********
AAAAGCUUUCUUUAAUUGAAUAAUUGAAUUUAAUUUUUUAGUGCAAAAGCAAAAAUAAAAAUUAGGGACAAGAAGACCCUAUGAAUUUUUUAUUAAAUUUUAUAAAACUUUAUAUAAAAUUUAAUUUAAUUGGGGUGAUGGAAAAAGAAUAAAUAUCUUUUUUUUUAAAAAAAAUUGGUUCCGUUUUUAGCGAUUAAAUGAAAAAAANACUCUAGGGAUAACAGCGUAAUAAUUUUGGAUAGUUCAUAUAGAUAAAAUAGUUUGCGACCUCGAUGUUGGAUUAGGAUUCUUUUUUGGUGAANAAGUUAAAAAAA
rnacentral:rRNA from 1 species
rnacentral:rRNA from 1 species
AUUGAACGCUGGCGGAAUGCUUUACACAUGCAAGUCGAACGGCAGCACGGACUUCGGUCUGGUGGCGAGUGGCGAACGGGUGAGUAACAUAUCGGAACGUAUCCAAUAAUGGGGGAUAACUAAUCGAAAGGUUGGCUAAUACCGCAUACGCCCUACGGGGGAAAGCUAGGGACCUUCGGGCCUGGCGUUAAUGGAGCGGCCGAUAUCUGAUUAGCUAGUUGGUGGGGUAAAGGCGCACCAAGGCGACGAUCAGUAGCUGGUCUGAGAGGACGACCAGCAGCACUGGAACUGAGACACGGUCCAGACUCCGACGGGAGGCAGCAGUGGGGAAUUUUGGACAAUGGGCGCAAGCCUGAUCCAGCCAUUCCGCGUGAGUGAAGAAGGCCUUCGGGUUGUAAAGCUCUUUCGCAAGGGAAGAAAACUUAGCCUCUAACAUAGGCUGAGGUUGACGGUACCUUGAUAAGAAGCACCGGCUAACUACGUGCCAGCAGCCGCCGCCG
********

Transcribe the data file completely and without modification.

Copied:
AAAAGCUUUCUUUAAUUGAAUAAUUGAAUUUAAUUUUUUAGUGCAAAAGCAAAAAUAAAAAUUAGGGACAAGAAGACCCUAUGAAUUUUUUAUUAAAUUUUAUAAAACUUUAUAUAAAAUUUAAUUUAAUUGGGGUGAUGGAAAAAGAAUAAAUAUCUUUUUUUUUAAAAAAAAUUGGUUCCGUUUUUAGCGAUUAAAUGAAAAAAANACUCUAGGGAUAACAGCGUAAUAAUUUUGGAUAGUUCAUAUAGAUAAAAUAGUUUGCGACCUCGAUGUUGGAUUAGGAUUCUUUUUUGGUGAANAAGUUAAAAAAA
rnacentral:rRNA from 1 species
rnacentral:rRNA from 1 species
AUUGAACGCUGGCGGAAUGCUUUACACAUGCAAGUCGAACGGCAGCACGGACUUCGGUCUGGUGGCGAGUGGCGAACGGGUGAGUAACAUAUCGGAACGUAUCCAAUAAUGGGGGAUAACUAAUCGAAAGGUUGGCUAAUACCGCAUACGCCCUACGGGGGAAAGCUAGGGACCUUCGGGCCUGGCGUUAAUGGAGCGGCCGAUAUCUGAUUAGCUAGUUGGUGGGGUAAAGGCGCACCAAGGCGACGAUCAGUAGCUGGUCUGAGAGGACGACCAGCAGCACUGGAACUGAGACACGGUCCAGACUCCGACGGGAGGCAGCAGUGGGGAAUUUUGGACAAUGGGCGCAAGCCUGAUCCAGCCAUUCCGCGUGAGUGAAGAAGGCCUUCGGGUUGUAAAGCUCUUUCGCAAGGGAAGAAAACUUAGCCUCUAACAUAGGCUGAGGUUGACGGUACCUUGAUAAGAAGCACCGGCUAACUACGUGCCAGCAGCCGCCGCCG